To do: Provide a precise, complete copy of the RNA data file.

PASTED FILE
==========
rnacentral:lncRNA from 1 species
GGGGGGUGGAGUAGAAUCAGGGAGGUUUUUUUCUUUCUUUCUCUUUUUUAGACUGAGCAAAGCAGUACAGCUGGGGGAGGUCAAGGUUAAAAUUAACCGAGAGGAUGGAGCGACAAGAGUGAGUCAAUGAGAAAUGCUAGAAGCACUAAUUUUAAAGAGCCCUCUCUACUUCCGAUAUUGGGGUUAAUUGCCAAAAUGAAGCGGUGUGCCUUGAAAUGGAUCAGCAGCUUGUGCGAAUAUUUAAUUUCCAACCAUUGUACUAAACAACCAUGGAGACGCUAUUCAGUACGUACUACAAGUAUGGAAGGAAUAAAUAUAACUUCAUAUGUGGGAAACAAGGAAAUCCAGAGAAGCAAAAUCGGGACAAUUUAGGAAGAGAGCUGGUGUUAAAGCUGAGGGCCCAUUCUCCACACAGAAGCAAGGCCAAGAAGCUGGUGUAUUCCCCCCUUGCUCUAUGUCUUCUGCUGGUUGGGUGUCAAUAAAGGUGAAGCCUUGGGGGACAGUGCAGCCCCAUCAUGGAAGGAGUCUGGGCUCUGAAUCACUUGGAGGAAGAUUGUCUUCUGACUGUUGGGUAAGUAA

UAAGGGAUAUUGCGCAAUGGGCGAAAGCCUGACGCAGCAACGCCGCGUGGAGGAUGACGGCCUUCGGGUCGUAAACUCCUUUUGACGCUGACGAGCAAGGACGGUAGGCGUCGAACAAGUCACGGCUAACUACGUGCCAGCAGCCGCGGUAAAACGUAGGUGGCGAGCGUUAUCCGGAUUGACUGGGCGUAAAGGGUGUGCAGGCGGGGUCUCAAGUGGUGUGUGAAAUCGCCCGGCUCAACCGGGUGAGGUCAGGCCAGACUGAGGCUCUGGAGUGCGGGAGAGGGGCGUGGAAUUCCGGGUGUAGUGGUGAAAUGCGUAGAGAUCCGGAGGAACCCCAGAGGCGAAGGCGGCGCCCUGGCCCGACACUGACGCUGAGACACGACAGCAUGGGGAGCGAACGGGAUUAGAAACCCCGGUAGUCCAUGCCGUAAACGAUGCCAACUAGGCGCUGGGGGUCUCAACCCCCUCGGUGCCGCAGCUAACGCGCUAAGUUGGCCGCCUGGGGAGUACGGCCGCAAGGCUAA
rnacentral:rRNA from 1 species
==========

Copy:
rnacentral:lncRNA from 1 species
GGGGGGUGGAGUAGAAUCAGGGAGGUUUUUUUCUUUCUUUCUCUUUUUUAGACUGAGCAAAGCAGUACAGCUGGGGGAGGUCAAGGUUAAAAUUAACCGAGAGGAUGGAGCGACAAGAGUGAGUCAAUGAGAAAUGCUAGAAGCACUAAUUUUAAAGAGCCCUCUCUACUUCCGAUAUUGGGGUUAAUUGCCAAAAUGAAGCGGUGUGCCUUGAAAUGGAUCAGCAGCUUGUGCGAAUAUUUAAUUUCCAACCAUUGUACUAAACAACCAUGGAGACGCUAUUCAGUACGUACUACAAGUAUGGAAGGAAUAAAUAUAACUUCAUAUGUGGGAAACAAGGAAAUCCAGAGAAGCAAAAUCGGGACAAUUUAGGAAGAGAGCUGGUGUUAAAGCUGAGGGCCCAUUCUCCACACAGAAGCAAGGCCAAGAAGCUGGUGUAUUCCCCCCUUGCUCUAUGUCUUCUGCUGGUUGGGUGUCAAUAAAGGUGAAGCCUUGGGGGACAGUGCAGCCCCAUCAUGGAAGGAGUCUGGGCUCUGAAUCACUUGGAGGAAGAUUGUCUUCUGACUGUUGGGUAAGUAA

UAAGGGAUAUUGCGCAAUGGGCGAAAGCCUGACGCAGCAACGCCGCGUGGAGGAUGACGGCCUUCGGGUCGUAAACUCCUUUUGACGCUGACGAGCAAGGACGGUAGGCGUCGAACAAGUCACGGCUAACUACGUGCCAGCAGCCGCGGUAAAACGUAGGUGGCGAGCGUUAUCCGGAUUGACUGGGCGUAAAGGGUGUGCAGGCGGGGUCUCAAGUGGUGUGUGAAAUCGCCCGGCUCAACCGGGUGAGGUCAGGCCAGACUGAGGCUCUGGAGUGCGGGAGAGGGGCGUGGAAUUCCGGGUGUAGUGGUGAAAUGCGUAGAGAUCCGGAGGAACCCCAGAGGCGAAGGCGGCGCCCUGGCCCGACACUGACGCUGAGACACGACAGCAUGGGGAGCGAACGGGAUUAGAAACCCCGGUAGUCCAUGCCGUAAACGAUGCCAACUAGGCGCUGGGGGUCUCAACCCCCUCGGUGCCGCAGCUAACGCGCUAAGUUGGCCGCCUGGGGAGUACGGCCGCAAGGCUAA
rnacentral:rRNA from 1 species